To see how these distinctions work out in practice, we can divide the world into three or four areas of Soviet interest. In spite of occasional hopeful soundings of the trumpet outside the walls of West Berlin, there appears little prospect of serious political opportunities for the Russians in Western Europe, and military adventure is excluded by the guarantee of successive American presidents that any attack would automatically mean nuclear war. Perhaps the lesson here is that this is indeed a sound method of reserving peace. The real problem in Europe should be formulated differently: Will developments in Eastern Europe provoke fighting and Soviet intervention, as they did in 1956? And if there is a crumbling of communist power in Eastern Europe, what sort of political crisis may occur in the U.S.S.R. itself?

Latin America, too, seems not to be regarded as an area of opportunity. As with Stalin's attitude to Greece in 1948, the Soviets appear persuaded that the United States would not tolerate a serious thrust there. They are stuck with Castro's Cuba but their support is qualified. As we know, they oppose Castroite tactics elsewhere, and while not altogether abandoning a policy of exploiting advantages and footholds vis-à-vis China as well as the United States, they would prefer on the whole to keep the area subcritical.

In Asia, in the sphere largely influenced by the Chinese, Moscow has a special problem. Viet Nam in particular constitutes a most awkward and peculiar case. At one level the arguments are familiar: the U.S.S.R. enjoys having the United States entangled; failure to support Hanoi would weaken communist loyalty elsewhere; the testing of Soviet military equipment is a valuable bonus; and so on. On the other hand, the Soviets are no doubt fearful of the danger of serious escalation. All these points have some validity, though as regards the communist ideological "commitment" all but a few disaffected Asian parties would certainly accept a Soviet-sponsored compromise. The difficulty is rather that Ho Chi Minh is not under control.

But more basic in Moscow's thinking on Viet Nam is its relations with China. The strongest argument of the pro-Soviet faction in China (usually in the army) is that modern arms are needed to defeat the Americans, and that these can be obtained only from Russia. The true Maoist view is, of course, that an American attack on China proper could effectively be met by retirement to the interior and resort to guerrilla warfare. Therefore, the more weapons the Russians can send to Hanoi, the bigger the object lesson in favor of the anti-Maoist thesis and the stronger the possibility of rallying a pro-Soviet power group to take over in Peking. This interpretation, originally put to me by Dr. Uri Rana'an, I find largely convincing. It raises the curious possibility that a blockade of Haiphong would have been in the interests of both the Americans and the Maoists.

And the new Chinese nuclear capability certainly complicates all these issues. Although it may be true that, as President Kennedy said, what the communists are quarrelling about is the best way to bury us, it does seem that for the Maoists the Soviet Union now appears as the most immediate threat. The whole area, in fact, is one in which the Soviet leaders face special-and perhaps temporary-problems of great intricacy, which to some extent confuse the issue of confrontation with the West.

With Europe, East Asia and Latin America taken as special cases, we are left with the traditional major area of Soviet interest-the area south of the national territory, in the direction of the Indian Ocean.

Africa south of the Sahara, the most distant extension of this area, is presumably not an immediate target. Soviet policy in Africa has been extraordinarily inept, partly in consequence of an attempt to impose Marxist class analyses on refractory material. The distances have been too great-as in the case of the Congo troubles-and the régimes supported by the Russians have been insufficiently solid, with the result that in one of the most advanced black African countries, Ghana, the people have now been effectively vaccinated against anything even remotely resembling communism. Though more sophisticated policies now seem to be emerging, it still appears unlikely that much can be achieved-unless the East coast is left in a power vacuum by British withdrawals.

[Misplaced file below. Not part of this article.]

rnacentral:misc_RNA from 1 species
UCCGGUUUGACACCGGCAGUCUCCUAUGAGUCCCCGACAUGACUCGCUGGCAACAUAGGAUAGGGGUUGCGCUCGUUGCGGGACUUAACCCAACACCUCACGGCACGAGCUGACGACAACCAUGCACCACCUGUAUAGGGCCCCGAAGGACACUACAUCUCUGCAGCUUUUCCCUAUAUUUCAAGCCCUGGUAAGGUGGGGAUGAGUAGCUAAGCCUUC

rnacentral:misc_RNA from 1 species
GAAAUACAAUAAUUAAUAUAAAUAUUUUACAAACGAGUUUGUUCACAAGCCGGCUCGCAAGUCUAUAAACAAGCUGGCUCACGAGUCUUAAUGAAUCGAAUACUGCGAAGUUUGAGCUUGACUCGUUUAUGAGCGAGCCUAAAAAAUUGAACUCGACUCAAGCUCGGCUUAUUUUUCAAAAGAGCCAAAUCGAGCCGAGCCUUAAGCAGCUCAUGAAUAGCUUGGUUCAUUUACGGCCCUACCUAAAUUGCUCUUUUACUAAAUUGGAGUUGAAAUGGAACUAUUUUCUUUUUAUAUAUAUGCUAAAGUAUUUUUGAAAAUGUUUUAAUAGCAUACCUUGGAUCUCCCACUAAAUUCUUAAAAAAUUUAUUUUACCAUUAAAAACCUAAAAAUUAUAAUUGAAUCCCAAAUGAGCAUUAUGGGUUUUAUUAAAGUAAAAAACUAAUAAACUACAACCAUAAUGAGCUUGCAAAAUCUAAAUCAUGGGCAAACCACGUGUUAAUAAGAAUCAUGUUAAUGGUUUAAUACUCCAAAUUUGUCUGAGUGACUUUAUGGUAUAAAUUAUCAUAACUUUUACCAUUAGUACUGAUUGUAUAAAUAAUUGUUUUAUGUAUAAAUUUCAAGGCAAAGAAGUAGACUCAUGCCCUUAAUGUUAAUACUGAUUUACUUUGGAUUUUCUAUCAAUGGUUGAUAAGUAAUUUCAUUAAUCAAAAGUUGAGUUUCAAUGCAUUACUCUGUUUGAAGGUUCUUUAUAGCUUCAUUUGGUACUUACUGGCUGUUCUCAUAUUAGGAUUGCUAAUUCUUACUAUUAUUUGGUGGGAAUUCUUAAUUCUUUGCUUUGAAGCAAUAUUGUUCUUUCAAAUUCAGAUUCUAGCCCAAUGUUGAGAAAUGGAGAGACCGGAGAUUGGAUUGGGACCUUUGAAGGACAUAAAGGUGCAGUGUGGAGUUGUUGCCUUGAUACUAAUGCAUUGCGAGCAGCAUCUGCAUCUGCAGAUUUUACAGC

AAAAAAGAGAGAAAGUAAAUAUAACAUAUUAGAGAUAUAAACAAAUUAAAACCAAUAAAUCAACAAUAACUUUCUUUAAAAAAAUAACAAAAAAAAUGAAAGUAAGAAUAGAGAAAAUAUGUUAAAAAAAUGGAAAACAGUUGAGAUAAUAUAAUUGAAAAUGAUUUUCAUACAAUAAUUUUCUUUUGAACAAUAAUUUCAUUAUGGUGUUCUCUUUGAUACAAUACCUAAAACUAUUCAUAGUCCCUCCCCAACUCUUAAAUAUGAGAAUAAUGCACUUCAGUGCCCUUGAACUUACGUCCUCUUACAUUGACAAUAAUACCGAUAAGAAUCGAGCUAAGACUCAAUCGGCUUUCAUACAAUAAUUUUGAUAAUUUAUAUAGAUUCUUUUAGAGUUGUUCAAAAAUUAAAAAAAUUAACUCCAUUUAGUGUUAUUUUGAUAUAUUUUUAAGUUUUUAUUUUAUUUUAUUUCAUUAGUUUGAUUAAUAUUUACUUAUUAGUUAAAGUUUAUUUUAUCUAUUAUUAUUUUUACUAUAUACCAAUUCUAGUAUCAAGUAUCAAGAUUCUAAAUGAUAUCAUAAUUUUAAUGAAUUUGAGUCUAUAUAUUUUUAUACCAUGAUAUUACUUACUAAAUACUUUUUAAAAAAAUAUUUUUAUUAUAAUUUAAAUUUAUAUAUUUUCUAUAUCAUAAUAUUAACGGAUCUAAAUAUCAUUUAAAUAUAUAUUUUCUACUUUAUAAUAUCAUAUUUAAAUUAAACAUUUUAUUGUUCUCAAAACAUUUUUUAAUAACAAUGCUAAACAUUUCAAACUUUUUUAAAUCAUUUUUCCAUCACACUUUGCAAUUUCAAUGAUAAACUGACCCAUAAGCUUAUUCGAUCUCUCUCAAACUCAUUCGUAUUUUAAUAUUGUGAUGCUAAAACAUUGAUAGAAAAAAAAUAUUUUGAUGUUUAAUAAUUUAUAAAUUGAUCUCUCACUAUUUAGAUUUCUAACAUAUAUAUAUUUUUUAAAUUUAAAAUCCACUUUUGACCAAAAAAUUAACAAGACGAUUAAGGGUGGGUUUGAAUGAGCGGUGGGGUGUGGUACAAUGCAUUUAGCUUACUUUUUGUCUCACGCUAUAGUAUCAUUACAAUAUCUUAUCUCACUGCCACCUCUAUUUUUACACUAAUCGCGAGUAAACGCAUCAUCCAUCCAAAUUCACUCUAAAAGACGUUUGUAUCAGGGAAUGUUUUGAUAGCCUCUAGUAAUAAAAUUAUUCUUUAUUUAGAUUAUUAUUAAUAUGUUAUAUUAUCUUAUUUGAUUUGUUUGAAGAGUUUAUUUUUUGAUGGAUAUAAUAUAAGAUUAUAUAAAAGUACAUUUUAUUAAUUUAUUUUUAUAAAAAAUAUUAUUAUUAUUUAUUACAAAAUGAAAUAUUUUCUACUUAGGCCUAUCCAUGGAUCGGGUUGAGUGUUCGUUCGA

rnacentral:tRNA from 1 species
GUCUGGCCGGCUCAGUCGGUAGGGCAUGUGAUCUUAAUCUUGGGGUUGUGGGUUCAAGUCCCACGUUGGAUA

The Middle East then, or rather an area centered on the Middle East and stretching from Morocco to the Gulf of Bengal, is the sector in which the activist element in Soviet policy receives its chief exercise. It is an area whose politics have long proved unmanageable and unpredictable to every outside power which has become involved. Nor does the U.S.S.R. appear to have a coherent policy, except to buy friends, keep the pot boiling and await any suitable opportunities. The political-military investment in Syria and Egypt has so far proved unremunerative. Moreover, throughout the area, the Soviet Government is faced with an old dilemma: Is it best to rely on indigenous anti-Western movements and régimes or try to replace them with reliable communists? The first choice usually leads eventually to divergence and hostility; the second throws the local nationalists into the arms of the West straightaway. The usual solution has been an attempt to combine the two, which leads to endless friction.

But there is also a special geographical difficulty in the area. The Soviet Navy cannot for the foreseeable future match the American, and its communications through the Dardanelles are vulnerable. In the air, the Soviets suffer similar difficulties. Turkey and Iran remain resistant obstacles to a real move south. Politically and economically, they appear to be growing stronger; to subvert their governments grows increasingly difficult. To attack them would be to take the ultimate risk. And so the prudential element in Soviet thinking dominates the scene in the Northern Tier, leaving activist elements the upper hand (though not exclusive control) in the softer but less accessible Arab lands. The extremist group in the Kremlin has tried to make the most of trouble in the Middle East, though serious disputes arose in the U.S.S.R. over the Arab-Israeli war of 1967, leading to the fall of Moscow party secretary Egorychev, one of Shelepin's associates.